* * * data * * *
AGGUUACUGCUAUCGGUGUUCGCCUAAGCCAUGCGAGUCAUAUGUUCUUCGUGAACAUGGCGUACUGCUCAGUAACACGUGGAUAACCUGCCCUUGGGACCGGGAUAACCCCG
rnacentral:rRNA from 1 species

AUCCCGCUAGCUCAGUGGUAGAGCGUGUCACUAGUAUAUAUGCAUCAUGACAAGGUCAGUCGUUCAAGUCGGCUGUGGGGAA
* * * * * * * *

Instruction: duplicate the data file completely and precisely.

AGGUUACUGCUAUCGGUGUUCGCCUAAGCCAUGCGAGUCAUAUGUUCUUCGUGAACAUGGCGUACUGCUCAGUAACACGUGGAUAACCUGCCCUUGGGACCGGGAUAACCCCG
rnacentral:rRNA from 1 species

AUCCCGCUAGCUCAGUGGUAGAGCGUGUCACUAGUAUAUAUGCAUCAUGACAAGGUCAGUCGUUCAAGUCGGCUGUGGGGAA